Egypt to pick Islamist or military man as president

Discussion in 'West Asia & Africa' started by Son of Govinda, May 25, 2012.

  1. Son of Govinda

    Son of Govinda Regular Member

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    Egypt to pick Islamist or military man as president | Reuters

    Reuters) - The Muslim Brotherhood said on Friday its candidate in Egypt's first free presidential vote had won through to a run-off next month against ex-air force chief Ahmed Shafiq, who was deposed leader Hosni Mubarak's last prime minister.

    This week's first-round vote has polarised Egyptians between those determined to avoid handing the presidency back to a man from Mubarak's era and those fearing an Islamist monopoly of ruling institutions. The run-off is planned for June 16 and 17.

    The election marks a crucial step in a messy and often bloody transition to democracy, overseen by a military council that has pledged to hand power to a new president by July 1.

    The second round threatens further turbulence. Opponents of Shafiq have vowed to take to the streets if he is elected.

    But to supporters, Shafiq's military background offers reassurance that he can restore order on the streets, a major demand of the population 15 months after Mubarak's ouster.

    A Shafiq presidency would also mean smoother relations between the head of state and the powerful military.

    "It is clear that the run-off will be between (the Brotherhood's) Mohamed Mursi and Ahmed Shafiq," a Brotherhood election official, who asked not to be named, told Reuters.

    The Brotherhood's Guidance Office, its top body, was meeting to mull a campaign "to galvanise Islamists and Egyptian voters to face the bloc of the 'feloul'," he said, using a scornful Arabic term for "remnants" of Mubarak's order.

    Official results are not due to be announced until next week, but representatives of the candidates are allowed to watch the count, enabling them to compile their own tally.

    The Brotherhood official said that with votes counted from about 12,800 of the roughly 13,100 polling stations, Mursi had 25 percent, Shafiq 23 percent, a rival Islamist Abdel Moneim Abol Fotouh 20 percent and leftist Hamdeen Sabahy 19 percent.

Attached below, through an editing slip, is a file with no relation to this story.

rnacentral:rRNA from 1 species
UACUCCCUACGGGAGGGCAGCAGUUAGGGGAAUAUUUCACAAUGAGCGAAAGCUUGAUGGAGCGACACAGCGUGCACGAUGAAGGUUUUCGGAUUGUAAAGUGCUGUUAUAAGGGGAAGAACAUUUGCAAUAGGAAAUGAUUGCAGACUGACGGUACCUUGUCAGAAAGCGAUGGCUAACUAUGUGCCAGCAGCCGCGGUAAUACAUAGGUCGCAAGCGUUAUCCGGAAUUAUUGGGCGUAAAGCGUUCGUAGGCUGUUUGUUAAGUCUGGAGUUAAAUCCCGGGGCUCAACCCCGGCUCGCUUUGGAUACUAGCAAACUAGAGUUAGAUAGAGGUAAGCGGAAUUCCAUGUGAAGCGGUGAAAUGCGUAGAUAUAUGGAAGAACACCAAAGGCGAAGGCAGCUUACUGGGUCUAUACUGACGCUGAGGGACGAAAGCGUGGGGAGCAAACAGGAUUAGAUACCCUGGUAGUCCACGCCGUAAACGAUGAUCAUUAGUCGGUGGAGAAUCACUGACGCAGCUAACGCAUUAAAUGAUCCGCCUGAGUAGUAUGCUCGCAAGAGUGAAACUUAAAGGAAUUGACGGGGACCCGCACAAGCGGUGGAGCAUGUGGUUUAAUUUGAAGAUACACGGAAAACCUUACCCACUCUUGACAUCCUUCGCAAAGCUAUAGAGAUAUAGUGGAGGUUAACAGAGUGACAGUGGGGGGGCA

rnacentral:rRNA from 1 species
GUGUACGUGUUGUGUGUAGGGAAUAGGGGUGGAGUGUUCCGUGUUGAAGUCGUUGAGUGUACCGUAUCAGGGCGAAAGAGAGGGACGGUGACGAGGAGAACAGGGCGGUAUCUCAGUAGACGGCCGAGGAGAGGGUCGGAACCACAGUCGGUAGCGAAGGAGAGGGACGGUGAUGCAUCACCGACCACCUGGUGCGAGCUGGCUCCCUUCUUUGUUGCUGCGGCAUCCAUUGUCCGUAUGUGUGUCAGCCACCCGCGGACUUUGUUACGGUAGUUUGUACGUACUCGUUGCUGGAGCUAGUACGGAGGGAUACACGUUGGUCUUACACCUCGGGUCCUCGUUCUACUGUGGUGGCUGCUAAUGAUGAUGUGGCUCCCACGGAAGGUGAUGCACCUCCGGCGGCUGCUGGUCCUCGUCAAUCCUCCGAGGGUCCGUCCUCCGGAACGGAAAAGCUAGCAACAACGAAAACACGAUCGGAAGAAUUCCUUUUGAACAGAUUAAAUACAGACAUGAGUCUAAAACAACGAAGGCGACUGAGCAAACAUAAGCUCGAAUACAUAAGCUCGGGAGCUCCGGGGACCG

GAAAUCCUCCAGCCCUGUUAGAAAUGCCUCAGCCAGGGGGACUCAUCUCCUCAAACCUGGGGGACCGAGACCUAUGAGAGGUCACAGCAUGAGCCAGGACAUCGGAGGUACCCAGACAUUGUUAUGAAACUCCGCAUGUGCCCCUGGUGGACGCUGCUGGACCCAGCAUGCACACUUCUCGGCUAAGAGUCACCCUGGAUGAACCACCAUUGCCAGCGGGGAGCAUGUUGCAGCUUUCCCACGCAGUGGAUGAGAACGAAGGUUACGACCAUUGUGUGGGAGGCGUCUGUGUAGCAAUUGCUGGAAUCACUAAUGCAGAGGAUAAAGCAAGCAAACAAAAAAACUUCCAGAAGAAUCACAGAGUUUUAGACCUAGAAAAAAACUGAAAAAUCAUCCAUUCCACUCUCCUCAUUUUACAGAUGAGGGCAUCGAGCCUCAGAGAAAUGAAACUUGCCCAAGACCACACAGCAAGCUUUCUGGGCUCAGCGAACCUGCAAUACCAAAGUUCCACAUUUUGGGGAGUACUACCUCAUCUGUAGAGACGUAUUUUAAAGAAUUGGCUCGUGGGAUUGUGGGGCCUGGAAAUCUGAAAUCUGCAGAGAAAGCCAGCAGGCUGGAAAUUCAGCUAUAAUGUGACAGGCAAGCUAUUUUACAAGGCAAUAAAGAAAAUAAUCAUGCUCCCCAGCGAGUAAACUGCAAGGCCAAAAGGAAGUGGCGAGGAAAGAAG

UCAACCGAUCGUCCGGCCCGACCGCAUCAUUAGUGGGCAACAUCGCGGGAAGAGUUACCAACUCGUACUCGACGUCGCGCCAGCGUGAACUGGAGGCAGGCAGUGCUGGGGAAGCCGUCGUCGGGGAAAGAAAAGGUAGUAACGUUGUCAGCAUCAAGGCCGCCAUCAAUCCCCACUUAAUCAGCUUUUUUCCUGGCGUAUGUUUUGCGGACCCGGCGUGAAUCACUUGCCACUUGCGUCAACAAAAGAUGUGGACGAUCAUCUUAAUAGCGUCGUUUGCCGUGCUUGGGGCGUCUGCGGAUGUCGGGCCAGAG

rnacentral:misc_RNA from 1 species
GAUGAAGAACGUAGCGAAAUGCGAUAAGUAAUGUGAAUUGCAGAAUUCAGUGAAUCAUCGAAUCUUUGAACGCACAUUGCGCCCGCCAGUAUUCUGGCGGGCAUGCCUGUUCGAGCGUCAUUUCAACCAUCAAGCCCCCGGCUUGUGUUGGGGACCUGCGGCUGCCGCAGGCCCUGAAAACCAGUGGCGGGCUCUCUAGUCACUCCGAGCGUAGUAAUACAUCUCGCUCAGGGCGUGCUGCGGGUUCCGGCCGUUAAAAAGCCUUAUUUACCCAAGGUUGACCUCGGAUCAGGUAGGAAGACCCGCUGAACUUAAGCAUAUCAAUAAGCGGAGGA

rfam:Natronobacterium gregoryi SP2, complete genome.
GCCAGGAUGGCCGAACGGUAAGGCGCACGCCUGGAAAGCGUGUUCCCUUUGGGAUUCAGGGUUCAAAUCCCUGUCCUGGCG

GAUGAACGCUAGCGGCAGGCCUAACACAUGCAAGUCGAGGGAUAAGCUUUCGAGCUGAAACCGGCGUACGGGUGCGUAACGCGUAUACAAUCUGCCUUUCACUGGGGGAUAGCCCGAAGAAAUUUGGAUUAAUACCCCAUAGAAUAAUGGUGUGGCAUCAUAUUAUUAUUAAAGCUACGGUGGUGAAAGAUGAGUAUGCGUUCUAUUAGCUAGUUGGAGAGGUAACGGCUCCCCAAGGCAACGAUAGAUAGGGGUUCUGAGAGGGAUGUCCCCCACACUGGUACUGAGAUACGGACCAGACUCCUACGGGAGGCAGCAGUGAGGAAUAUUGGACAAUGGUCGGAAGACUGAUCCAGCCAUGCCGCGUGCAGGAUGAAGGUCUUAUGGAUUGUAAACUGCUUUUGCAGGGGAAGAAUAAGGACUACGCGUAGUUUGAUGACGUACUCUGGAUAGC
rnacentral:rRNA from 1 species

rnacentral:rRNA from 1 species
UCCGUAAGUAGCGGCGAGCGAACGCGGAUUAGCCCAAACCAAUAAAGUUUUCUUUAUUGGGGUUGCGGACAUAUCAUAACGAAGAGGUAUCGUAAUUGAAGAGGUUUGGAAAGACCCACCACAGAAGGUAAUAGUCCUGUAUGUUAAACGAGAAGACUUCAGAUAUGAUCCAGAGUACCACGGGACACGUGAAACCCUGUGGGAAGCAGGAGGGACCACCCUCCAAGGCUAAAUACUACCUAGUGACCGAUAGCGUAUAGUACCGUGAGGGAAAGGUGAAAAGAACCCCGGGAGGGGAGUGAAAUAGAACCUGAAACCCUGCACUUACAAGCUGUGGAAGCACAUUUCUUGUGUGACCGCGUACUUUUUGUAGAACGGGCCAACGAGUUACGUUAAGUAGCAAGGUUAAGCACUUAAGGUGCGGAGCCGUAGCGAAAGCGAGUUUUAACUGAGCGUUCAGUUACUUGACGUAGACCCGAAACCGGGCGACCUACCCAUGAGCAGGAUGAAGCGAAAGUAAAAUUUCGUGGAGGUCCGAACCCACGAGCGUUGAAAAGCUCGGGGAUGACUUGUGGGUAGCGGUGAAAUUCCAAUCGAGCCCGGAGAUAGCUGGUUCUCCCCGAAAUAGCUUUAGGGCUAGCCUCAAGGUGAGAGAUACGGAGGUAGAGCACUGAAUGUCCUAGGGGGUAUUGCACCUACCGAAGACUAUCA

No comments from any of the dozen candidates or state election officials were immediately available.

    Election committee officials had said late on Thursday as counting began that turnout was about 50 percent of Egypt's 50 million eligible voters. The Brotherhood official, however, said about 20 million votes were cast, or about 40 percent.

    EGYPTIANS FRET

    The Brotherhood, Egypt's most organised political group, has already secured the biggest bloc for its party in parliament after an earlier vote. Long repressed and banned under Mubarak, the 84-year-old Islamist group has a broad grassroots base.

    Many Egyptians, including those who saw the revolt against Mubarak as a matter of national pride not religion, fret about Islamist gains since his fall. Christians, who form a tenth of the population and who already complain of discrimination, worry that Islamists in power could marginalise them further.

    "We are confident that the next president of Egypt is Mohamed Mursi," said Essam el-Erian, a senior official in the Muslim Brotherhood's party, said after early counting.

    If Mursi becomes president, Islamists will control most ruling institutions - but not the military - in Egypt, the most populous Arab nation, consolidating electoral gains made by fellow-Islamists in other Arab countries in the past year.